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Once you’ve got to grips with the basics of paddleboarding (which shouldn’t take too long), you’ll be able to make the most of SUP’s versatility. As well as surfing and fishing, you can use your paddleboard for yoga – one of the best ways to improve your mental health and reduce stress.
Stand up paddleboarding and yoga are two of the best exercises for improving your flexibility (as well as balance). So, just imagine how good they can be when you put them together! In this post, we’ll take a look at some of the exercises that will best benefit your balance as you find inner peace on your paddleboard. Let’s go!
If you’re new to paddleboarding, yoga, or both together, try not to do too much too soon. The best way to start is with poses which are ideal for beginners. One such pose is sukhasana, also known simply as the Easy Pose. Rather than stretching muscles and increasing flexibility and balance, this one focuses on getting to grips with the yogic breathing technique. Sit cross legged at the front of your board and look straight ahead. Close your eyes and immerse yourself in the surroundings with your hands on your knees. This is an alternative to the more difficult and ‘classic’ Lotus Pose.
Adho Mukha Svanasana
Another easy one for beginners, the Downward-facing dog is another of the most recognisable yoga poses. Start with something called the table-top pose.
That’s being on your hands and knees, with the knees a hip width apart. Your shoulders should be directly above you hands. From there, raise your hips until your legs are fully extended and your body is in a V shape. The downward dog builds arm, shoulder, and leg strength – as well as alleviating stress and high blood pressure.
Not an easy pose to maintain for a long time, but the plank can built up strength throughout your whole body. You can do the plank from the downward dog position – you just need to switch your weight forward until your shoulders are directly above your wrists.
The plank is good for upperbody, spine and core strength. Building core strength will mean that you can paddle harder and faster during regular SUP, so this is a good one if you’re planning to do SUP touring or racing.
The boat is called so as it looks almost like a small rowing boat bobbing on the water. This pose is ideal for toning abs and strengthening your lower back.
Keep your back straight and raise it to be 45 degrees from your board. Then, do the same with the legs. From the side, your body will look like a V shape – almost like an reversed downward dog. The final touch is stretching out your hands and arms past your knees.
Tadasana, or the mountain pose, is the starting point for most standing yoga poses. The mountain pose is one of the top ways to improve your balance on the SUP. Stand by the hand well with your big toes together, but the heels slightly apart.
Stand with your spine tall, throw your shoulders back, and look straight ahead. The mountain pose improves posture and strengthens your knees and ankles.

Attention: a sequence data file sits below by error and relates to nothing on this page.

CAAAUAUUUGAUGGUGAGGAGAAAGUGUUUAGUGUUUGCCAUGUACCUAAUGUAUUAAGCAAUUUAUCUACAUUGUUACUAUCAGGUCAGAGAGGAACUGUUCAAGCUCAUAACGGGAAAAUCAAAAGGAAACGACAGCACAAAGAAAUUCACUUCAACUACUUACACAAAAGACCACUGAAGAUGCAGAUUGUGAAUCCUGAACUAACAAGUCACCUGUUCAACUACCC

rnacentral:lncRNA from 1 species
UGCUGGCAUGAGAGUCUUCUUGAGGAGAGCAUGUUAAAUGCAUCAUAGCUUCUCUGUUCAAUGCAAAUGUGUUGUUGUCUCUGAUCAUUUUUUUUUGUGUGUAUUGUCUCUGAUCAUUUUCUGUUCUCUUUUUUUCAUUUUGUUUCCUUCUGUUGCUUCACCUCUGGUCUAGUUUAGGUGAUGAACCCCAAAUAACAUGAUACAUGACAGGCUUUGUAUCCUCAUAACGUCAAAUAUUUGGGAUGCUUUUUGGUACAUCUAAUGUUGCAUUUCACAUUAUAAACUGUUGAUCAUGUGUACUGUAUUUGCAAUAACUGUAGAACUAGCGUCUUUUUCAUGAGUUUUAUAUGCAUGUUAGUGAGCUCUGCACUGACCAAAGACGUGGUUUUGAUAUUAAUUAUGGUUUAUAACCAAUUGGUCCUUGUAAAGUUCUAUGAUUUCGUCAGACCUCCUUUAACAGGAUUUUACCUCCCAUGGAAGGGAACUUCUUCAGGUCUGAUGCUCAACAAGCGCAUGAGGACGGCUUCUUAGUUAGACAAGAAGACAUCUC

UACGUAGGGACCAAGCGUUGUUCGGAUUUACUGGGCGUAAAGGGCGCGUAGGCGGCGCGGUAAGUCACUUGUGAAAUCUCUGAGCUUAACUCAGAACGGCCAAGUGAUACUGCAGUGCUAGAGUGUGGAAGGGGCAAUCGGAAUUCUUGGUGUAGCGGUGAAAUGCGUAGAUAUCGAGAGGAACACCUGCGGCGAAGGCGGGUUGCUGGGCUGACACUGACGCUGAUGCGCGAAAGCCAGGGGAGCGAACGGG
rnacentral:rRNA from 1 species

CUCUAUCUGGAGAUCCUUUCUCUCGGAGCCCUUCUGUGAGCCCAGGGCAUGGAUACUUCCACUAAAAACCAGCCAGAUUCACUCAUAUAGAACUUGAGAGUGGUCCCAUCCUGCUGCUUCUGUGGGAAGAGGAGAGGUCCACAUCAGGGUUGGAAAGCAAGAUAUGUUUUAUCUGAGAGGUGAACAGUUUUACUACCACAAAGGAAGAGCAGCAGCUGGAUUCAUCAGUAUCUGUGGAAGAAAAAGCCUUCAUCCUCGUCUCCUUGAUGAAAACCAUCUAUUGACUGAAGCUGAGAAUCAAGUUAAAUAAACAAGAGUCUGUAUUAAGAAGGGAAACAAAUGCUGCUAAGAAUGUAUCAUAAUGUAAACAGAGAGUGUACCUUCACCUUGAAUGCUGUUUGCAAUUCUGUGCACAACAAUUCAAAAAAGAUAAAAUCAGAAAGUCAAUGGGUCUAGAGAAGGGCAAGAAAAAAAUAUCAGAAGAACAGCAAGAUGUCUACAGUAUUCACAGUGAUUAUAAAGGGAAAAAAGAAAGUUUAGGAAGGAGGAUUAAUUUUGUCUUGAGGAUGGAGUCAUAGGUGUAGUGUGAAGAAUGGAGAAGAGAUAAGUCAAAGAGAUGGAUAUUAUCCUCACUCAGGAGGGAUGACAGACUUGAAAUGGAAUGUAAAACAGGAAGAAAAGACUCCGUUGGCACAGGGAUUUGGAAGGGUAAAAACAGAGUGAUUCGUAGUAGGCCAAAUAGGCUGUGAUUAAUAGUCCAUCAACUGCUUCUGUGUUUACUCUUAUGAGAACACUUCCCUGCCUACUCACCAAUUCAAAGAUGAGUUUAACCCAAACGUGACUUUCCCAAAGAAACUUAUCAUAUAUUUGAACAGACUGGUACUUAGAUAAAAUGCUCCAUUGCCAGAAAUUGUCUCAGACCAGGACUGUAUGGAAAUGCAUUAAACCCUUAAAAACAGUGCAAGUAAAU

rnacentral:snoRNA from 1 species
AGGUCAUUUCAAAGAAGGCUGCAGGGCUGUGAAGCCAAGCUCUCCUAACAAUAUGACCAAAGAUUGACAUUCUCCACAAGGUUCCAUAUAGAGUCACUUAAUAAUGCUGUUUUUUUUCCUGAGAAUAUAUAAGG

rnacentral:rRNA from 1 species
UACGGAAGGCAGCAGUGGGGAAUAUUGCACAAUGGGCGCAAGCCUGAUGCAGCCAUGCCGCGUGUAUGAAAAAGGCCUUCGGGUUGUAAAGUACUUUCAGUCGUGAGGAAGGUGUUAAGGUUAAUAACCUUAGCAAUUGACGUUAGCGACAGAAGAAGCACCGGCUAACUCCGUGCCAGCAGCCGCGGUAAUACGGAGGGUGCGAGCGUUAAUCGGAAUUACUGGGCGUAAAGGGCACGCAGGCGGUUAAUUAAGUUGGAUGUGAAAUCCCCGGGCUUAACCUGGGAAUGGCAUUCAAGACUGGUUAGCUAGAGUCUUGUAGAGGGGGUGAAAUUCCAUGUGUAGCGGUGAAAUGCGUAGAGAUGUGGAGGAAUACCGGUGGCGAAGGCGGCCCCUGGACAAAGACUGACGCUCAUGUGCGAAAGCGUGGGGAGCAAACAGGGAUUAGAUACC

The crescent lunge is another pose that can be reached from downward facing dog. Bend your right knee to 90 degrees while extending your left out behind you.
This is one of the more challenging poses to do on a paddleboard, but if you’ve mastered it quite easily, consider picking your left knee up off the board! The crescent lunge strengthen your legs and core, while opening up the chest and hips.
Sometimes known as the upward dog pose, it’s clear when you see the cobra pose from the side how it gets its name.
Lie down on the board and lift your head, chest, and shoulders as you breathe out. At the same time, your hands should be beneath your shoulders – so you’ll be like a sideways L shape. The cobra pose strengthens the abs, as well as the arms, shoulders, and back.
The first of two warrior poses, this one starts from the mountain pose you saw earlier. Exhale, and move your feet apart while reaching with your arms.
Put your palms together and look forward, or up to your hands. If you have neck problems, keep your head in a neutral position rather than looking up. The Warrior Pose can reduce high blood pressure and is good for circulation.
The second warrior pose is one of the most challenging in SUP yoga – thanks to the amount of strength and balanced required to execute it.
Your feet should be perpendicular to each other as you spread your arms wide, look straight ahead, and lower your hips. This pose may look simple, but it aligns the whole body and is actually quite intense!
The Corpse Pose isn’t the most appealing name, so it’s mostly referred to by its Sanskrit name Savasana. Savasana is the perfect way to end your yoga workout. However, lying completely still and is harder than it looks. To master the savasana, you must slowly inhale and exhale as you lie on your board. The gentle rocking of the water will leave you feel as though you’re floating on the water itself. Shut everything out, meditate, and relax until your worries drift away in the savasana pose.